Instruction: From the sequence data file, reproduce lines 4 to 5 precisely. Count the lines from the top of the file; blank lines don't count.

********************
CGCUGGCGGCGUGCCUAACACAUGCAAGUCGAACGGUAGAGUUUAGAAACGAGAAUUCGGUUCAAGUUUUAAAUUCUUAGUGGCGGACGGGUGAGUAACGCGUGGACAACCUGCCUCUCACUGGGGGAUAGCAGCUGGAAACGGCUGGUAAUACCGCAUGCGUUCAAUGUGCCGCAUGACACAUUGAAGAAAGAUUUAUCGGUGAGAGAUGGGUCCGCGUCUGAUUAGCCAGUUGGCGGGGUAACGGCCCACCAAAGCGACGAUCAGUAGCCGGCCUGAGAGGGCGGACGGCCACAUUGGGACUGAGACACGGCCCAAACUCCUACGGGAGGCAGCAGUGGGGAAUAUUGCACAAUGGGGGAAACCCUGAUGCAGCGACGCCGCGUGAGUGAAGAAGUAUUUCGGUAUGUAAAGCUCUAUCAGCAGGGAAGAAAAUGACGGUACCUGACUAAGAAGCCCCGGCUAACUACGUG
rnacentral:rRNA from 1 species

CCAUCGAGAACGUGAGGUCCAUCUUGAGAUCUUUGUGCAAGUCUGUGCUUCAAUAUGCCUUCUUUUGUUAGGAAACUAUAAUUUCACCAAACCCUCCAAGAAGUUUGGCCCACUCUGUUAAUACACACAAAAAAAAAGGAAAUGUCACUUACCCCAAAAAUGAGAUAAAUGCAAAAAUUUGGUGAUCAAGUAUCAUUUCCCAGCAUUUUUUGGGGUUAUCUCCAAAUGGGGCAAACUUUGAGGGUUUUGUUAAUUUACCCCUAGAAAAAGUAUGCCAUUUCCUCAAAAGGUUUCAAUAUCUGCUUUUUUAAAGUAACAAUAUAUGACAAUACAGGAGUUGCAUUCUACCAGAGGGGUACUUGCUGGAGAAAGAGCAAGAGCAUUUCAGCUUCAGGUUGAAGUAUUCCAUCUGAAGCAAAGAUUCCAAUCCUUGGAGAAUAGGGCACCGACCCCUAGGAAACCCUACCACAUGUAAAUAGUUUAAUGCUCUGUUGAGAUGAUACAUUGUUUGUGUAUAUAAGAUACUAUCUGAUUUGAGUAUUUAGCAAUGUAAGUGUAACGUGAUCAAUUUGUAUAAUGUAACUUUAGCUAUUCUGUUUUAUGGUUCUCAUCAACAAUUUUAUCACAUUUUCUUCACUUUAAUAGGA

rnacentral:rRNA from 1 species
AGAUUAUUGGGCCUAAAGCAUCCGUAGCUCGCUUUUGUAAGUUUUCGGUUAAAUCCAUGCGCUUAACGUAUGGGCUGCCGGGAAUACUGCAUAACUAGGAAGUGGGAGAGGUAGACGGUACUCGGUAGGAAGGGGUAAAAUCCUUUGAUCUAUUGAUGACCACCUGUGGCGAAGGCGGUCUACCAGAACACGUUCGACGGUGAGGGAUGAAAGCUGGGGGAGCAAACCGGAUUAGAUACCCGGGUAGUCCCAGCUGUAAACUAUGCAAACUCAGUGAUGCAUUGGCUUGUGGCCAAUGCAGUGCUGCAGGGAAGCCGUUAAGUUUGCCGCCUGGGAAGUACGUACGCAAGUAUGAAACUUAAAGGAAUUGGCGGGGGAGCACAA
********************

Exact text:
rnacentral:rRNA from 1 species
AGAUUAUUGGGCCUAAAGCAUCCGUAGCUCGCUUUUGUAAGUUUUCGGUUAAAUCCAUGCGCUUAACGUAUGGGCUGCCGGGAAUACUGCAUAACUAGGAAGUGGGAGAGGUAGACGGUACUCGGUAGGAAGGGGUAAAAUCCUUUGAUCUAUUGAUGACCACCUGUGGCGAAGGCGGUCUACCAGAACACGUUCGACGGUGAGGGAUGAAAGCUGGGGGAGCAAACCGGAUUAGAUACCCGGGUAGUCCCAGCUGUAAACUAUGCAAACUCAGUGAUGCAUUGGCUUGUGGCCAAUGCAGUGCUGCAGGGAAGCCGUUAAGUUUGCCGCCUGGGAAGUACGUACGCAAGUAUGAAACUUAAAGGAAUUGGCGGGGGAGCACAA